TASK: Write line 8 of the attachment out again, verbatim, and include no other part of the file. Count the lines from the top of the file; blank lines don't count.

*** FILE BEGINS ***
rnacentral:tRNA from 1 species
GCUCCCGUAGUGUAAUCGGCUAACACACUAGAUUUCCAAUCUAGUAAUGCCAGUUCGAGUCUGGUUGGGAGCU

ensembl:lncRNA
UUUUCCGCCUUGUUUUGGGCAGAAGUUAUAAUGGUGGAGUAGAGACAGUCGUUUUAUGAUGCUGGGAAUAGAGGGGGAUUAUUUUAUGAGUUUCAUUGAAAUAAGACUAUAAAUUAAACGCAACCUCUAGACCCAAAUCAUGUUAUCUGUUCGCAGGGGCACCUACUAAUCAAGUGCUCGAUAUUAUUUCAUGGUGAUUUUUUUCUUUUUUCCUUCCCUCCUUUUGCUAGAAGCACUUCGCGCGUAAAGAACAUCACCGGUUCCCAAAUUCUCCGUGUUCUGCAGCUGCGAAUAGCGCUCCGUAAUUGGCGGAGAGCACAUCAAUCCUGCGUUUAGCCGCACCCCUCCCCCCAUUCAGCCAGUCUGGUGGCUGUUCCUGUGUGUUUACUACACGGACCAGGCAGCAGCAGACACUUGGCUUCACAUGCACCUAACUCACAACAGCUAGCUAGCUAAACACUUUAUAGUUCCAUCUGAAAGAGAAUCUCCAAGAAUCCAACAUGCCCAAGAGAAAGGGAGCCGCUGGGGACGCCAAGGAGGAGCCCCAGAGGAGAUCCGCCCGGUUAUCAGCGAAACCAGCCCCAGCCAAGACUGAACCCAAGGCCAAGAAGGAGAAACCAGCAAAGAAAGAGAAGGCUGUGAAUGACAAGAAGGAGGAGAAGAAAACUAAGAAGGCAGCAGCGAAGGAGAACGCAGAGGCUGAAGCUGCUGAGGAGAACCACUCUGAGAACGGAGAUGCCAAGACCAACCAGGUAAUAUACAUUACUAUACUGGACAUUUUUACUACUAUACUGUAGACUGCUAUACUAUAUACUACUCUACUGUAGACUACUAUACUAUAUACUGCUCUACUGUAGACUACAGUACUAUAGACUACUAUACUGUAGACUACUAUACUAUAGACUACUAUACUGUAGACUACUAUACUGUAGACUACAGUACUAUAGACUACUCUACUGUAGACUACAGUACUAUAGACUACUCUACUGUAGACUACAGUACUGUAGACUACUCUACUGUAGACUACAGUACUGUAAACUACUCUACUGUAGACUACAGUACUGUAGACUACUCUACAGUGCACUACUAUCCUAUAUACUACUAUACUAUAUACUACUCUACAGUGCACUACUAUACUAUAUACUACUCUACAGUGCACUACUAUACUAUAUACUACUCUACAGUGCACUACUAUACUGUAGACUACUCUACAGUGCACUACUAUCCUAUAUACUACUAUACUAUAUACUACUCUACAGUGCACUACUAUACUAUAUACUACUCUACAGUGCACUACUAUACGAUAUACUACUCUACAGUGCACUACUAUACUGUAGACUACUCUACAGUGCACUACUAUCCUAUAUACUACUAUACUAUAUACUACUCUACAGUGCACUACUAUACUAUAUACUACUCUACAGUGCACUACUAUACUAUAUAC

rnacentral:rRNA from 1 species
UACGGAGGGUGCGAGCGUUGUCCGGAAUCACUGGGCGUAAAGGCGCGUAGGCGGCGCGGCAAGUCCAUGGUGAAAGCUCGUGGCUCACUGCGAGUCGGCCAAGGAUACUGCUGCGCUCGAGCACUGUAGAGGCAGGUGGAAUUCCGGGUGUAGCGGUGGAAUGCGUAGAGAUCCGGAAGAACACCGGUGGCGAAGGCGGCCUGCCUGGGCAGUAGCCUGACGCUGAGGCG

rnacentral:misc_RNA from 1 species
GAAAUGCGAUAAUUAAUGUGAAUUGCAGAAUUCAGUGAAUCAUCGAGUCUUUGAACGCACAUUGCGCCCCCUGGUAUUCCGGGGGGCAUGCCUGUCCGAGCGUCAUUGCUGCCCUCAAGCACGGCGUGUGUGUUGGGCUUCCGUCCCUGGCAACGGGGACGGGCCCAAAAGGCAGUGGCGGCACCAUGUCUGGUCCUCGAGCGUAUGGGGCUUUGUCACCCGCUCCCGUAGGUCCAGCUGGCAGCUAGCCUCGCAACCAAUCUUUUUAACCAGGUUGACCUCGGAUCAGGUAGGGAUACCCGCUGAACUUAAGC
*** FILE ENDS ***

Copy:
GAAAUGCGAUAAUUAAUGUGAAUUGCAGAAUUCAGUGAAUCAUCGAGUCUUUGAACGCACAUUGCGCCCCCUGGUAUUCCGGGGGGCAUGCCUGUCCGAGCGUCAUUGCUGCCCUCAAGCACGGCGUGUGUGUUGGGCUUCCGUCCCUGGCAACGGGGACGGGCCCAAAAGGCAGUGGCGGCACCAUGUCUGGUCCUCGAGCGUAUGGGGCUUUGUCACCCGCUCCCGUAGGUCCAGCUGGCAGCUAGCCUCGCAACCAAUCUUUUUAACCAGGUUGACCUCGGAUCAGGUAGGGAUACCCGCUGAACUUAAGC